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Biotech's Next Big Thing: Alnylam

Date:
July 1, 2013
Source:
TheStreet / Powered by NewsLook.com
Summary:
Alnylam Pharmaceuticals upcoming meeting is the next big thing in biotech, says TheStreet Sr. columnist Adam Feuerstein.


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last updated on 2014-10-01 at 9:12 am EDT

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Argentina Creates Drought-Resistant Gene for Crops

AFP (Apr. 28, 2012) — Argentina's farmers cannot roll back climate change -– but with a new biotech advance which allows crops to survive in hot, dry climes, they may not need to. One team has found that transferring a sunflower gene into cereal crops like corn and soy can help them to survive longer without water, and even make them more productive. The discovery is being touted as Argentina's next genetically modified "miracle" -- for better and for worse.
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Microalgae Next Boom Industry in New Caledonia's Pacific Waters?

Microalgae Next Boom Industry in New Caledonia's Pacific Waters?

AFP (Apr. 29, 2014) — A microalgae industry which makes the most of New Caledonia's warm, sunny weather, could be the next big thing for the French territory's economy, if a team of government-funded young scientists can find the right species to thrive. Duration: 01:53 Video provided by AFP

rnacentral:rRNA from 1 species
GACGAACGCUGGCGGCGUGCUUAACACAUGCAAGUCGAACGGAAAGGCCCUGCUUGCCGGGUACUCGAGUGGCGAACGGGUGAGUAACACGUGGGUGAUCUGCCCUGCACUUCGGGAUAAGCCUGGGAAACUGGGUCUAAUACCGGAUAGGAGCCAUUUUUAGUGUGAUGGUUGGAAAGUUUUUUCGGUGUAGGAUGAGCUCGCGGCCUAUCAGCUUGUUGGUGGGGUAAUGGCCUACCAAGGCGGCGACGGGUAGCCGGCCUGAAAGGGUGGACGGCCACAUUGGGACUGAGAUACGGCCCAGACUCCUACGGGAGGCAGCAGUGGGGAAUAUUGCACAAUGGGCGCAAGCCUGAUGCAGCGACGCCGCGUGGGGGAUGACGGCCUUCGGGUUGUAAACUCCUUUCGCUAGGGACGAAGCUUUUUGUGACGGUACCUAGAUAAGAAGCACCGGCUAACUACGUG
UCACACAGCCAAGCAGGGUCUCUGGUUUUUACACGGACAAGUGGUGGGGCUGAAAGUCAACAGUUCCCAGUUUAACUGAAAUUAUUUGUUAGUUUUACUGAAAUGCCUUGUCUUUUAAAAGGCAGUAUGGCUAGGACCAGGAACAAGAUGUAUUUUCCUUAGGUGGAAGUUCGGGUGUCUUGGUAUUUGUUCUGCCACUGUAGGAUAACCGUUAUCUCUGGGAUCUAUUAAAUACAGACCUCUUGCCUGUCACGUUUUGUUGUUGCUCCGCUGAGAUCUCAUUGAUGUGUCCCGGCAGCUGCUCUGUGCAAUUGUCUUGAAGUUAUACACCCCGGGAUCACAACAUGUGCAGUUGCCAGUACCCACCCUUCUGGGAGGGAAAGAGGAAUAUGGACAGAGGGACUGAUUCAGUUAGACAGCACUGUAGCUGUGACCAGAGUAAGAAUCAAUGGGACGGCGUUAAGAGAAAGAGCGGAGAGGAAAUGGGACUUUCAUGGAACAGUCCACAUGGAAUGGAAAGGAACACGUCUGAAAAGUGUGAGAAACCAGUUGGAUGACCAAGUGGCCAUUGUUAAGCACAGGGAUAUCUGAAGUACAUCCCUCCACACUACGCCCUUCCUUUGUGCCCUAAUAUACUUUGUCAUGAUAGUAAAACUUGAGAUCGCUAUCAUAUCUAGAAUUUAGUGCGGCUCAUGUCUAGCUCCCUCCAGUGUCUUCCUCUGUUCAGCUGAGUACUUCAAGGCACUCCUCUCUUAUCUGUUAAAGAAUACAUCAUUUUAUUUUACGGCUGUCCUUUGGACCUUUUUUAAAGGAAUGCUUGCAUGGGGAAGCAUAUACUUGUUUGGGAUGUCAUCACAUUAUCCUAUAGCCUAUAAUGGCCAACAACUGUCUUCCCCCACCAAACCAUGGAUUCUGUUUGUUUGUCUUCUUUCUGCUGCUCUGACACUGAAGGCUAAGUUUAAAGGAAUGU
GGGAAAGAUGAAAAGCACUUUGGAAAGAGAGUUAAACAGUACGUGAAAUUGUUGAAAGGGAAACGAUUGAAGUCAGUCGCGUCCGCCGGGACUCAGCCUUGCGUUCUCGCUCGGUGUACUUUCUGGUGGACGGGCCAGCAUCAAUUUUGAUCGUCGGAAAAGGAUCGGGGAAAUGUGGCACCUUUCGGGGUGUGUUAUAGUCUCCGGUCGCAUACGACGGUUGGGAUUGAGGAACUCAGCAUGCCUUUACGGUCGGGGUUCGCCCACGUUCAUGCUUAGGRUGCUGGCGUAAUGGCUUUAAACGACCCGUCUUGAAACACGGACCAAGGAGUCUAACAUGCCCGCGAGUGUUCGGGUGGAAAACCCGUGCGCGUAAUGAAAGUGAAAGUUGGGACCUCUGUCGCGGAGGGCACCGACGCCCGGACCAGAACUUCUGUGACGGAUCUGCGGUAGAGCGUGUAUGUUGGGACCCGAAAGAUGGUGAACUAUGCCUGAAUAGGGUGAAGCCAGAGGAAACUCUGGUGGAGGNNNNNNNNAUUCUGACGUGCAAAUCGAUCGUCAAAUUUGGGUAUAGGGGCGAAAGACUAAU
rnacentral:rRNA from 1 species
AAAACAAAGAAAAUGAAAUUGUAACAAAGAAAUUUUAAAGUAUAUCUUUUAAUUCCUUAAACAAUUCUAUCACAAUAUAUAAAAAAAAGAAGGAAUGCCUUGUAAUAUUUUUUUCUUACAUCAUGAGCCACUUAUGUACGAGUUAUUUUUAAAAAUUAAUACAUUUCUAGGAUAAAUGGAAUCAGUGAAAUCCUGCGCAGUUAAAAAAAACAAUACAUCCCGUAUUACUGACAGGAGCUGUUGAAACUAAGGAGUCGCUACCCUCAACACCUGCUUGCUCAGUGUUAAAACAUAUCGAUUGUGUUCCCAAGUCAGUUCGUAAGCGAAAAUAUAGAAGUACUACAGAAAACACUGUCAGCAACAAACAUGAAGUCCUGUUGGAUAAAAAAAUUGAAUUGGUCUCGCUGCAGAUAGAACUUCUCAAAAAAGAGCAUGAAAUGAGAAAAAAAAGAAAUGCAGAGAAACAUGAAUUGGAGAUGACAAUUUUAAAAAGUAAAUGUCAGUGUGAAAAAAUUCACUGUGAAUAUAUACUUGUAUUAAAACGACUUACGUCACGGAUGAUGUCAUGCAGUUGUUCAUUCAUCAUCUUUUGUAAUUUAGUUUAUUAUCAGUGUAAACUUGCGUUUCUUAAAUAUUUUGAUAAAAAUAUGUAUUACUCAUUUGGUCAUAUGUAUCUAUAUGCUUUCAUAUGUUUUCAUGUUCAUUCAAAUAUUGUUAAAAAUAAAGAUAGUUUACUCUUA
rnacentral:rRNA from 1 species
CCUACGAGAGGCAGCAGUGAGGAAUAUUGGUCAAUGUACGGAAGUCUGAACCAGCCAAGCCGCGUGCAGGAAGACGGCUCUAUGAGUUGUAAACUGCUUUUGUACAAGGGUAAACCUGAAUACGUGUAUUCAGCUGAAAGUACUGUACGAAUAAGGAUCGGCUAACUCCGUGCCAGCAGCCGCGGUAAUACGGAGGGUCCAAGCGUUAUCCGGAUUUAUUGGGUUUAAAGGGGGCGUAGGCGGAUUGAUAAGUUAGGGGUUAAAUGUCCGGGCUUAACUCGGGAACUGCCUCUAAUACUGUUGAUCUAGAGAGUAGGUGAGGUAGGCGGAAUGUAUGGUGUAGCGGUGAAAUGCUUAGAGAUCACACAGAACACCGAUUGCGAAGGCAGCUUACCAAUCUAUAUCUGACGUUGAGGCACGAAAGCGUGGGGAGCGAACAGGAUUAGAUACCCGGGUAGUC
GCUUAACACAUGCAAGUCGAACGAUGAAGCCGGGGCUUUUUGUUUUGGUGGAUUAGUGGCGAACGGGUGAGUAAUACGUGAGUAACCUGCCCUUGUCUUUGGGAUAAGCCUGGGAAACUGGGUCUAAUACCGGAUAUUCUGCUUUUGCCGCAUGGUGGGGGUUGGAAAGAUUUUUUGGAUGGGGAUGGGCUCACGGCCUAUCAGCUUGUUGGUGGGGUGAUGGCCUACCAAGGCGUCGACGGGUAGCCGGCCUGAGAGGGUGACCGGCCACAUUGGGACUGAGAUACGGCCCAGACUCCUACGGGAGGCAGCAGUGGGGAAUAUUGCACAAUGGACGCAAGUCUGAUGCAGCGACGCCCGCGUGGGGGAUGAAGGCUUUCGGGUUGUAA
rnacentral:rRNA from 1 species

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Blood Cell Therapy Developed for Wounds That Won't Heal

Blood Cell Therapy Developed for Wounds That Won't Heal

Reuters (July 9, 2013) — An Israeli biotech company which uses donors' white blood cells to help cure chronic wounds is claiming substantial success in treating hard-to-heal lesions and hope to receive FDA approval by 2017.
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Germany: Genetically Modified Foods Not Welcome

Germany: Genetically Modified Foods Not Welcome

Deutsche Welle (Feb. 3, 2012) — German chemicals giant BASF is closing its biotech division in Germany. The move was prompted by massive resistance to genetically modified food among both the public and politicians. GM opponents are jubilant, while some researchers are complaining this is another case of German hostility to technology.
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